You’ve heard yourself say it often and very likely accompanied with an audible groan: “It’s my sciatica; it hurts so bad.”
This severe ache is centered in your lower back and radiates a pulsating pain down your buttocks and through your legs. The pain stops you in your tracks. It can even be so intense that you may feel nauseous, rendering you unable to move and go about your daily activities.
“No one should live with sciatica pain, and it’s important to realize you can feel healthy again,” says Dr. Todd Sinett, a chiropractor and applied kinesiologist and creator of the Backbridge.
Sciatica lower back pain, explains Dr. Sinett, is specifically an ailment where the sciatic nerve is being pinched and causing an uncomfortable intense throbbing throughout the lower body. It occurs when the pelvis is imbalanced. When your pelvis is misaligned, it can hit against the sciatic nerve and irritate it. Of course, it feels quite much more than a minor irritation.
To help cure this pain, Dr. Sinett says to begin a stretch regimen to address the misalignment and poor posture issues. “We want to tackle the issue from the standpoint that the body is not aligned properly,” Dr. Sinett says. “If we begin to work on our body to adjust its placement on the pelvis, then sciatica pain relief will come.”
Dr. Sinett cautious though that the phrasing ‘sciatica pain’ is often used as a catchall for all lower back pain; if you’re not 100 percent sure why your lower back aches it’s important to see a physician to determine what specifically is happening with your body before trying to fix it on your own.
For those that are certain, ahead are five key stretches you can do to help heal your sciatica.
All stretches are done in tandem with the Backbridge and should be done daily for optimal results. As you do these, check in often with your body to ensure you’re not feeling extra pain and that the stretches feel good. It’s also important to not over do these stretches, but to do each one nice and slow to prevent more pain and injury.
Sciatica Stretch #1
Sit at the base of the Backbridge. Lie back so that the highest point of the Backbridge is between your shoulder blades and your head is touching the floor. Rest your arms on the ground behind your head and hold this stretch for 2 minutes. You can do this stretch with your legs extended or your knees bent. Level 1 is the easiest and 5 is the hardest. Pick a level that is most comfortable for you. It should feel like a good stretch. After a few weeks, slowly progress to the next level.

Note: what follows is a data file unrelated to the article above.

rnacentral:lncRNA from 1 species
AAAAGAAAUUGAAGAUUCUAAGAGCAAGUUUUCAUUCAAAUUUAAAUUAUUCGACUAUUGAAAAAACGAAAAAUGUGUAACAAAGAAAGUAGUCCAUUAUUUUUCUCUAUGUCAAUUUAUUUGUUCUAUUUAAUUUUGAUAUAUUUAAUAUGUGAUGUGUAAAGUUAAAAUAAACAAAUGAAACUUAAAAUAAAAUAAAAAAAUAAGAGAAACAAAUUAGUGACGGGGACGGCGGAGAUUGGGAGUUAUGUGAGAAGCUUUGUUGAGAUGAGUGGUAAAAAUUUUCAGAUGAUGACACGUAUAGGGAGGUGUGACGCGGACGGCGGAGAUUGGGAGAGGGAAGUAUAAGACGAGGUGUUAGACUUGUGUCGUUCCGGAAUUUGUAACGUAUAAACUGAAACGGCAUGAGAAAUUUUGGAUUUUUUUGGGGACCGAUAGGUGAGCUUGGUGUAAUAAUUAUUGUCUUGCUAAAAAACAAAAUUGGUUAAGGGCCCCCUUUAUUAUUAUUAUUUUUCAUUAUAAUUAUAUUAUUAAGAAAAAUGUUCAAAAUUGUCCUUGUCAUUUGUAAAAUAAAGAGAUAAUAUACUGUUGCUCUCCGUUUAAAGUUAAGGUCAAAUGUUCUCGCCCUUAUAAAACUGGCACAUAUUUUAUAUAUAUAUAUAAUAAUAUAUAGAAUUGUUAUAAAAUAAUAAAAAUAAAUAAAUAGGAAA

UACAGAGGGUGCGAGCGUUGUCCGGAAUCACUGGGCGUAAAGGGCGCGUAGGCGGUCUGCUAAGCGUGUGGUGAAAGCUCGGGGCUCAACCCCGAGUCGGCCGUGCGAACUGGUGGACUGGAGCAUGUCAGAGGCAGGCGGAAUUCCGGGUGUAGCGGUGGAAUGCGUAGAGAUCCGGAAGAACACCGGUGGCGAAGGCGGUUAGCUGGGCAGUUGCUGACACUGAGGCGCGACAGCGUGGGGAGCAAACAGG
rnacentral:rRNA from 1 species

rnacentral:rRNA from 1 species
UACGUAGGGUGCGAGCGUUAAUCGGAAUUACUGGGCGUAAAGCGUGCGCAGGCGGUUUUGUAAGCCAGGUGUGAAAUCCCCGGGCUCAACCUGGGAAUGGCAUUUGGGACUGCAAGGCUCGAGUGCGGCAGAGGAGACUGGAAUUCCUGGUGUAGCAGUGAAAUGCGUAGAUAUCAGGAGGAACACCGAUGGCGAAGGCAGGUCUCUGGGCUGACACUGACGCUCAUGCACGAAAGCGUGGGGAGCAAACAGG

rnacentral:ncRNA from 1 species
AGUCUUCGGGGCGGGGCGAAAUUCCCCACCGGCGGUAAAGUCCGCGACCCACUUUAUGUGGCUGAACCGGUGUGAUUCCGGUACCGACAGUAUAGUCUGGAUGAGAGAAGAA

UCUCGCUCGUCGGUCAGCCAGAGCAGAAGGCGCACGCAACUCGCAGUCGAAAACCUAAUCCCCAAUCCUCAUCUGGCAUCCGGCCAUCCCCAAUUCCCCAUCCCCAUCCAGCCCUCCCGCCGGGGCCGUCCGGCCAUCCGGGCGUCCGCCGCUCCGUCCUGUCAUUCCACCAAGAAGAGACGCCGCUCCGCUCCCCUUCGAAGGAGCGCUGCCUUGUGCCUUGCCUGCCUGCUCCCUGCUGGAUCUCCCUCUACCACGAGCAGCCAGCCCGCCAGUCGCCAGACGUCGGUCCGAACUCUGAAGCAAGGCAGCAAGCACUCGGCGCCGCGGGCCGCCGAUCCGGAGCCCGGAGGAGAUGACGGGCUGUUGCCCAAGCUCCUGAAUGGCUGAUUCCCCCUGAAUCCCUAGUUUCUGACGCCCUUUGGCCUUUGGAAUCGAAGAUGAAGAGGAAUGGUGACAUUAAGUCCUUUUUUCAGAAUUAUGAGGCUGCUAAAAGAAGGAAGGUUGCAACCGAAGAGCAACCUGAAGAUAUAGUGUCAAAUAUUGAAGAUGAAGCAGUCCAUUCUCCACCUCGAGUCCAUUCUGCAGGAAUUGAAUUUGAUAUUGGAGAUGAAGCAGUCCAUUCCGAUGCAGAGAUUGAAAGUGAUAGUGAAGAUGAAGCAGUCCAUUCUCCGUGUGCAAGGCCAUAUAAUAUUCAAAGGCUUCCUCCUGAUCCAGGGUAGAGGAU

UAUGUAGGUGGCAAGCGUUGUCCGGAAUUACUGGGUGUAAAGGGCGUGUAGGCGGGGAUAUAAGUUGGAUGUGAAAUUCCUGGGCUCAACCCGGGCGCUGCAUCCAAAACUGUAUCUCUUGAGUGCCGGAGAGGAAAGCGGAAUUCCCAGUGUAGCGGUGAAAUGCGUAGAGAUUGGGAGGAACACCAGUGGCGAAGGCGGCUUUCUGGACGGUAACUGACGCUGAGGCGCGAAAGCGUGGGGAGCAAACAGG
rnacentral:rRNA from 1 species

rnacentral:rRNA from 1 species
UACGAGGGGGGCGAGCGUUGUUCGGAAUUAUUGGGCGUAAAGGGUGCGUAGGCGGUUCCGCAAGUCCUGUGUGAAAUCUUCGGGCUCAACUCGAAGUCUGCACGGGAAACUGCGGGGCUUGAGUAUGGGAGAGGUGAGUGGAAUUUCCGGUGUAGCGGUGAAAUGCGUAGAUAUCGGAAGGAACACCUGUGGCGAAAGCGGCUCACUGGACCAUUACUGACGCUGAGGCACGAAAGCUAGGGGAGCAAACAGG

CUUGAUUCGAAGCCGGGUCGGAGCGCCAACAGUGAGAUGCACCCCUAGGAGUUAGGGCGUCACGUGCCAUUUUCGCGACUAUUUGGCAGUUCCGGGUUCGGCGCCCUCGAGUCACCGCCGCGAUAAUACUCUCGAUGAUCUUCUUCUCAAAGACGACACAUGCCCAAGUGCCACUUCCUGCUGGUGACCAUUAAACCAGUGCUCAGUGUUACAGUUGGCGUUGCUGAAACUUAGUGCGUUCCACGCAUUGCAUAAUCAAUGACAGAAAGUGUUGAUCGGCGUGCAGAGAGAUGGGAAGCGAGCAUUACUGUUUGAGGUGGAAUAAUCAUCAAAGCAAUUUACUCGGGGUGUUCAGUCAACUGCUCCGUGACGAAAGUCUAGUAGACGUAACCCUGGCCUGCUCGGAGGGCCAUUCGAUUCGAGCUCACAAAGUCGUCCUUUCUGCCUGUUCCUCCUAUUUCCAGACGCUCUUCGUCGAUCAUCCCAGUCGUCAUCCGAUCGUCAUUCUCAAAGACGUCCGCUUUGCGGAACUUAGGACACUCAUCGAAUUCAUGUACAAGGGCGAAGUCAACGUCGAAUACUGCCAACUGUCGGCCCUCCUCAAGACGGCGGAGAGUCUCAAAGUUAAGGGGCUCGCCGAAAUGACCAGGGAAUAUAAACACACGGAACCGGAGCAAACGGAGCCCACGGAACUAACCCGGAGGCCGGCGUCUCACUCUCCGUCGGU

Sciatica Stretch #2
Lie on your back, placing the Backbridge under your knees. The level doesn’t affect the stretch here, so choose which feels most comfortable. Reach your arms over head to lengthen the spine.
Sciatica Stretch #3
Knees to Chest
For a low back stretch, place your buttocks on the highest point of the Backbridge and lay back on the mat. Wrap your hands behind your knees and gently pull your knees to your chest while reaching and lengthening your tailbone down towards the Backbridge. Hold for a few seconds. If you have trouble wrapping your hands around your knees, you can place them behind your legs on the back of your thighs. The higher level of the Backbridge you use in this posture, the more intense the stretch.
Sciatica Stretch #4
Single Knee to Chest Stretch
Set up like the Knees to Chest stretch but pull one leg toward your chest and extend the opposite leg over the Backbridge and along the mat. By gently angling the knee inward or outward, you will stretch different parts of your hip flexors. Switch legs and repeat.
Sciatica Stretch #5
Piriformis and Outer Hip Stretch
Place your buttocks on the highest point of the Backbridge and lie back on the mat. With both knees bent, cross one leg over the other. Wrap your hands behind your uncrossed leg (or bottom knee) and gently pull towards you. Keep the foot of the crossed leg flexed to protect your knee. Switch legs and repeat.
Want more rewarding stretches for the rest of your body? Refer to Dr. Sinett’s book The Ultimate Backbridge Stretch Book.